Thorough estate planning means giving serious thought to how your assets will be distributed in your will. It’s your opportunity to have your final wishes fulfilled, as you see fit. To accomplish this goal, you may choose to include a no-contest clause, in hopes of preventing anyone from interfering with your directions. But you need to understand what a no-contest clause can, and cannot, do.
What’s the purpose of a no-contest clause?
A no-contest clause is a provision in a will which penalizes others if they attempt to challenge the will. For instance, let’s say you choose to leave a piece of real estate to a family member. But you worry that the family member may be unsatisfied with the decisions you made in the will. So they challenge it, in an attempt to get the court to overrule some, or all, of your will.
With a no-contest clause in place, its effect is to disinherit any of your beneficiaries who challenge your will. In this example, by bringing the challenge, your family member would be excluded from inheriting. They would not even get the real estate you intended to leave them.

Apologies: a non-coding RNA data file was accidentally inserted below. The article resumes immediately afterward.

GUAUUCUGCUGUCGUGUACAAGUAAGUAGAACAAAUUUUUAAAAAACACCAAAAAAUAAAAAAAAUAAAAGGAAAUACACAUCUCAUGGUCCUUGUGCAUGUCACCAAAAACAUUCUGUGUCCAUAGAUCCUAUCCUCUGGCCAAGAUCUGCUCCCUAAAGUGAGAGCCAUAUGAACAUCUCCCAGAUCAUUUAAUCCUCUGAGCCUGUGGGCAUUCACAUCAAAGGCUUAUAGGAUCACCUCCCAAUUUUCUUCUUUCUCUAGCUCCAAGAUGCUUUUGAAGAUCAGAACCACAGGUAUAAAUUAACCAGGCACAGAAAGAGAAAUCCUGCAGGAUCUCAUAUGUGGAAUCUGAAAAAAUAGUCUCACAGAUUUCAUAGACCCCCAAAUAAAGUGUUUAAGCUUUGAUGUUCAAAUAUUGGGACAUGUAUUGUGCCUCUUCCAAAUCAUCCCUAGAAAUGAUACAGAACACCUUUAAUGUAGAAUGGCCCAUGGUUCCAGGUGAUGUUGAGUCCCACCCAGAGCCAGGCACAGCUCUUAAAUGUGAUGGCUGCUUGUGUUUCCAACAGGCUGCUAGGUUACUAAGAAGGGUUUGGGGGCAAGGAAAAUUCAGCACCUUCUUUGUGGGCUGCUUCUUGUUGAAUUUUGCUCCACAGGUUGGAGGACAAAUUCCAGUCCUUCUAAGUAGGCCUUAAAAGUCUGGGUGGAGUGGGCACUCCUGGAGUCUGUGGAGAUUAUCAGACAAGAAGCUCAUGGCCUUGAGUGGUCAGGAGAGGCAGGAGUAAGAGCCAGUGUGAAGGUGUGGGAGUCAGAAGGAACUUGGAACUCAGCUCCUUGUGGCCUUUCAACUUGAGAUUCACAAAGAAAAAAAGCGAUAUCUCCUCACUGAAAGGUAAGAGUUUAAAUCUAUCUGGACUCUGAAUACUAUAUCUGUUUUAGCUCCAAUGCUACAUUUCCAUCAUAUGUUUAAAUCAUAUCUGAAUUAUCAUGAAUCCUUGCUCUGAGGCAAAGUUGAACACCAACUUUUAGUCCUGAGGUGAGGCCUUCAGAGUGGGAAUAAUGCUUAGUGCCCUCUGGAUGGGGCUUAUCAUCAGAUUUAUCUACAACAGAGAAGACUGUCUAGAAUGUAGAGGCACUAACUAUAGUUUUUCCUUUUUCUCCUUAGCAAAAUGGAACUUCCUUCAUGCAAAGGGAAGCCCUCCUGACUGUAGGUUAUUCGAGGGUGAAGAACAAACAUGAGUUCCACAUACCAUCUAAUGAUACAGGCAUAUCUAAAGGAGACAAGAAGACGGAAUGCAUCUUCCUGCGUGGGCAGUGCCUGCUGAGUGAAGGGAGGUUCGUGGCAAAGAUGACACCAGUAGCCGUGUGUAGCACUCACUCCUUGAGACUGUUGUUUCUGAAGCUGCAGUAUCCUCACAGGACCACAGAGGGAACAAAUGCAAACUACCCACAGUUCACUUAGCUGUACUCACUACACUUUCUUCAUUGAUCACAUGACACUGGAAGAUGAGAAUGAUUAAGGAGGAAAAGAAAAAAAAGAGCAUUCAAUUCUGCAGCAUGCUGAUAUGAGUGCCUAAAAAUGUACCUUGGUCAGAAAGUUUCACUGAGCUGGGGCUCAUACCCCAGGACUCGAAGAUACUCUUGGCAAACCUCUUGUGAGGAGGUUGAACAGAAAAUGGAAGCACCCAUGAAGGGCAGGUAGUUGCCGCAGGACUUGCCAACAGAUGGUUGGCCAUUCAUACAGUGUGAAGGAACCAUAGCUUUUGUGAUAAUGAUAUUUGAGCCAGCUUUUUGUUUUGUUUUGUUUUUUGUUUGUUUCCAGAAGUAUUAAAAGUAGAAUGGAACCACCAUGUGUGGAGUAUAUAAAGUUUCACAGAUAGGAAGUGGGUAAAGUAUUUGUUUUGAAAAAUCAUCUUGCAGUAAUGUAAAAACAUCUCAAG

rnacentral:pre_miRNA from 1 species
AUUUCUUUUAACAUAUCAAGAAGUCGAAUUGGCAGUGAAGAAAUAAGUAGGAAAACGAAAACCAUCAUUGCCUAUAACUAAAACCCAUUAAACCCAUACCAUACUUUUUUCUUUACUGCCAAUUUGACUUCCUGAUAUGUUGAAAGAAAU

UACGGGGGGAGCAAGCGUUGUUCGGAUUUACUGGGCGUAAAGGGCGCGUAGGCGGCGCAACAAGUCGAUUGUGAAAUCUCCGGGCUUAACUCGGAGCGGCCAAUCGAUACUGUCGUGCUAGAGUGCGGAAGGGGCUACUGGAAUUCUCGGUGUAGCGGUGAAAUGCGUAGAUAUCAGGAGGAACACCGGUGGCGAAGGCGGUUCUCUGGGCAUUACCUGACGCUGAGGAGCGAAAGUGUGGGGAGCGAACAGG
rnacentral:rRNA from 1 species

There are limitations
In spite of your best efforts, a no-contest clause is not an absolute protection against challenges. For one thing, it only impacts named beneficiaries in your will. Anyone not named in your will can bring a challenge with no fear of being disinherited.
Beneficiaries, too, can challenge your will under certain circumstances, even in the presence of a no-contest clause. Colorado Statute Section 15-12-905 permits the challenge so long as the beneficiary has probable cause. Their reason must be valid – they cannot simply make something up in order to avoid the no-contest clause.
If you are considering including a no-contest clause within your will, speak to a professional who is experienced in Colorado estate planning. They can help to ensure that your will accomplishes your goals as thoroughly as possible.